A California pet owner’s video of his young daughter swimming with the family pet, a massive 8-year-old female albino Burmese python named Sumatra, has gone viral. The video was initially posted online in April 2014 but (for reasons unknown) receive a spate of publicity in July 2016.

Sumatra’s owner noted in the comments section of his video that the snake is docile with children and doesn’t bother animals (even potential prey), before lapsing into a discourse on the best way to dispatch small animals (presumably for use as snake food) and noting that Sumatra wouldn’t eat live food — it had to be killed for her first:

This is our 8 yr. old Burmese Python named Sumatra. She has been to over 500 birthday parties and many schools, she has been around kids since she was a baby, she has never killed anything; she even likes our dogs and cat. Funny story, I have found the most humane way to kill a rabbit or chicken is to give them a strong hit to the back of the neck with a hard object; this normally kills them instantly, for I don’t like to see any animal suffer. Anyway, I came in later to see if Sumatra had eaten, and the chicken was walking around her cage. She would not touch it unless it was dead, so I killed it for sure this time and she ate it right away.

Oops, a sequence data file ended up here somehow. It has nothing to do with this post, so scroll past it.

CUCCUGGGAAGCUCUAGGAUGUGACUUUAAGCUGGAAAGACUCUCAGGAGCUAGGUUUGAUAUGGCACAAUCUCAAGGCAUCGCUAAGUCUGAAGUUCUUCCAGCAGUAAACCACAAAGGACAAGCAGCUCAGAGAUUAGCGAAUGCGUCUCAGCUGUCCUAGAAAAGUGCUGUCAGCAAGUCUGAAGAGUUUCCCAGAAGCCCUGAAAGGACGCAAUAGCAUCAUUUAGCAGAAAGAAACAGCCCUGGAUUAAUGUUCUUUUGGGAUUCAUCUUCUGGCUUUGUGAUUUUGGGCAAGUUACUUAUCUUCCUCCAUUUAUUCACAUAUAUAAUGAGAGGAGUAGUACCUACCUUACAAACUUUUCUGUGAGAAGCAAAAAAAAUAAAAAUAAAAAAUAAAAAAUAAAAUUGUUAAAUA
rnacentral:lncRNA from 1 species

Burmese pythons are constrictors and are not venomous. According to the United States Geological Survey (USGS), human fatalities from non-venomous snakes are “very rare”:

Q: Are large constrictor snakes such as Burmese pythons able to kill people? What is the risk? Would this be in the wild too, or in backyards?

A: Human fatalities from non-venomous snakes are very rare, probably averaging one or two per year worldwide. All known constrictor-snake fatalities in the United States are from captive snakes; these are split between deaths of snake owners who were purposefully interacting with their pet and deaths of small children or infants in homes where a snake was kept captive as a pet. There have been no human deaths from wild-living Burmese pythons in Florida. Overall, the risk of attack is very low.

We cannot categorically rule out the possibility of a fatal attack. In suburban areas and parks in Florida that contain ponds, canals or other bodies of water where large snakes could feel at home, the situation is likely similar to that experienced with alligators: attacks are improbable but possible in any locality where the animals are present and people are also present. The simplest and most sure-fire way to reduce the risk of human fatalities is to avoid interacting with a large constrictor.